I have been taking classes for Jewish conversion. Our latest assignment is to write a paragraph describing what we think God wants from us, and another paragraph describing how this impacts how I live my life.
Here is what I have written so far:
What does God want from us? My best answer is based on the words of Yeshua from Nazareth, understood in a rigorously Jewish, non-idolatrous way: 1) Lovingly respect God with the entirety of one’s being — that is, pursue God’s infinitude with all our thinking/judging/doing humanity; 2) lovingly respect one’s neighbor as oneself; and 3) regard the loving respect of God and the loving respect of neighbor as practically identical, which means recognizing that most of our relationship with God transpires through our associations with our fellow humans. If we work to find mutual understanding and loving respect with our neighbors, taking seriously not only their agreeable aspects, but also those aspects which confuse us, offend us and expose us to anxiety, this effort deepens our relationship with God.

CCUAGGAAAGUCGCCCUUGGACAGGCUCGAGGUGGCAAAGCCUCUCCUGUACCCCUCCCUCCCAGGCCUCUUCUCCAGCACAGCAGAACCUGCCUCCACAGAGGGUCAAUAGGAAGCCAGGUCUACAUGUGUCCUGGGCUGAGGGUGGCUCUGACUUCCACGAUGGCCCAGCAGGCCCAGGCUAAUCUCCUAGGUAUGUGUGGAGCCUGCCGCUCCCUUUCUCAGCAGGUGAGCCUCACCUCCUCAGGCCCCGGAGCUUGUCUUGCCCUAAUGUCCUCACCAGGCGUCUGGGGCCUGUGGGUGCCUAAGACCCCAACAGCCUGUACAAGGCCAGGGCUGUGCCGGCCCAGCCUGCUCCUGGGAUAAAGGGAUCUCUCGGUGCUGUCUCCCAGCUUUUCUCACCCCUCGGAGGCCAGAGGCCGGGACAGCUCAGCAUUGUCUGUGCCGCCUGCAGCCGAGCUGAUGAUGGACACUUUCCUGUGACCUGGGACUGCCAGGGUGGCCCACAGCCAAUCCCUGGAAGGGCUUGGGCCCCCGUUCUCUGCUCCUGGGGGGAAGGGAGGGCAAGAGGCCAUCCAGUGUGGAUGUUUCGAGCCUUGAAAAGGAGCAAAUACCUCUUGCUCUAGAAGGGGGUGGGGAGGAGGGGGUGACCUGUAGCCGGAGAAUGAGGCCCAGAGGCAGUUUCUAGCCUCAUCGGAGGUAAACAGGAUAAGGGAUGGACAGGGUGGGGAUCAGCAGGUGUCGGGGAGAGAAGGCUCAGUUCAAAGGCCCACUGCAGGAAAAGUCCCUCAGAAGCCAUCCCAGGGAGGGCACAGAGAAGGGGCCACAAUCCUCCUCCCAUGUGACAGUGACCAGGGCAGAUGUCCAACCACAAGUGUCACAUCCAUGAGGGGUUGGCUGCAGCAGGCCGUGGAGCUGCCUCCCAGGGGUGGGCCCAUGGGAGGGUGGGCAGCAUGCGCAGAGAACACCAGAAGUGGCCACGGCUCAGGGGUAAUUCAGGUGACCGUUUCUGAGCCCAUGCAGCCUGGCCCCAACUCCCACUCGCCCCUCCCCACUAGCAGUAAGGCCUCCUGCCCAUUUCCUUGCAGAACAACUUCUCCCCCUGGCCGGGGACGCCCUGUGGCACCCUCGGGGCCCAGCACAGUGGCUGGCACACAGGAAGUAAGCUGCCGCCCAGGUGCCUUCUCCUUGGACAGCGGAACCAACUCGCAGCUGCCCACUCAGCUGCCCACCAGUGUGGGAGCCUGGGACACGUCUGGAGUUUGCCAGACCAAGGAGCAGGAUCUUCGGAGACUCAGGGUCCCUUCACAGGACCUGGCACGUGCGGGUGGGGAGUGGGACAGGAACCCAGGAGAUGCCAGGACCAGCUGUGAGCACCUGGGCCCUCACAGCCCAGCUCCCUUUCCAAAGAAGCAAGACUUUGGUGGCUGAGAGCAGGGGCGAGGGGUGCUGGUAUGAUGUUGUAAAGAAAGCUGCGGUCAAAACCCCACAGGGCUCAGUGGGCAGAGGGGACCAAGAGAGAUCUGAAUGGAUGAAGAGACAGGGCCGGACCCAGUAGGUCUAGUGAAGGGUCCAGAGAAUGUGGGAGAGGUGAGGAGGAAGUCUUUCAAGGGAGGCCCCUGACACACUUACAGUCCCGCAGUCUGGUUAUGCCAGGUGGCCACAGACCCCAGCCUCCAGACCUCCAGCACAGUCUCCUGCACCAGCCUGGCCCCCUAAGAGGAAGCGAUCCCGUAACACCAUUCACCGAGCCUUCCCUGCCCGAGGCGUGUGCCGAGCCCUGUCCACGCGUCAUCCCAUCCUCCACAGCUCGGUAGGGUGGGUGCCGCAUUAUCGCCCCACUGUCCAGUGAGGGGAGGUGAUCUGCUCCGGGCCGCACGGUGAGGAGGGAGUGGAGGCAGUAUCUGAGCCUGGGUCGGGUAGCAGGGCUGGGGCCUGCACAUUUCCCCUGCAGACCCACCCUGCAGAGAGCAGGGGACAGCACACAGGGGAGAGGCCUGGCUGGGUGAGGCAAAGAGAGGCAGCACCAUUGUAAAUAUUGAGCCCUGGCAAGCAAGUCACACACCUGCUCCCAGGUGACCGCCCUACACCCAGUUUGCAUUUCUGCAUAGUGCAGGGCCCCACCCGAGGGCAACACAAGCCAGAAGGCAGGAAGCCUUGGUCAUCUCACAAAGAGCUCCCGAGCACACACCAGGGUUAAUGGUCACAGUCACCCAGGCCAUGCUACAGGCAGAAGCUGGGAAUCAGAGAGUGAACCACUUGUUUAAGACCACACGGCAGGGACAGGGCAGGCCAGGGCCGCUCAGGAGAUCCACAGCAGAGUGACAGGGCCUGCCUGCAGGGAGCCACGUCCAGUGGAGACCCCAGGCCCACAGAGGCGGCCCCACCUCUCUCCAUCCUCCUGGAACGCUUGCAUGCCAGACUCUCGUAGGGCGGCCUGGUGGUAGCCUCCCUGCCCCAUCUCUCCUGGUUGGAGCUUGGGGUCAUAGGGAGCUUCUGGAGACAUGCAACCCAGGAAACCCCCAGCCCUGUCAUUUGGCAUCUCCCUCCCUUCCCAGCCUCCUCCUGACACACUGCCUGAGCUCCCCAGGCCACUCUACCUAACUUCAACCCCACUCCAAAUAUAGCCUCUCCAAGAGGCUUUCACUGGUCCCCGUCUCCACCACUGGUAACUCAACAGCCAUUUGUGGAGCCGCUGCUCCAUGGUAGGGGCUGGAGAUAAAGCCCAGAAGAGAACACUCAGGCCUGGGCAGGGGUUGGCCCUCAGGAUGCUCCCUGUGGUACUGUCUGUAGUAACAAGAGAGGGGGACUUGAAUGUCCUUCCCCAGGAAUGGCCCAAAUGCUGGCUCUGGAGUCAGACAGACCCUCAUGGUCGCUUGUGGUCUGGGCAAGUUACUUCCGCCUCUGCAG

How does this impact my life? 1) It means my faith always points me beyond what I currently understand, feel and believe and past how I already live. (While my faith produces beliefs, actions and moral responses, and these are the only perceptible evidence of my faith, faith is not itself a sum of these things and must not be reduced to them, or faith loses its transcendent thrust.) 2) It means I have to be careful with how I interpret and respond to conflict and discomfort, because conflict can often be an opportunity to deepen my understanding and my active relationship with God and God’s creation (including other people). 3) But it also means being careful to maintain myself as a person capable of loving and respecting and acting. Maximum altruism is not automatically the right thing to do in every case. 4) No ethical formulas guarantee moral action. Every particular moment requires attention, listening, thought, judgment, struggle and response.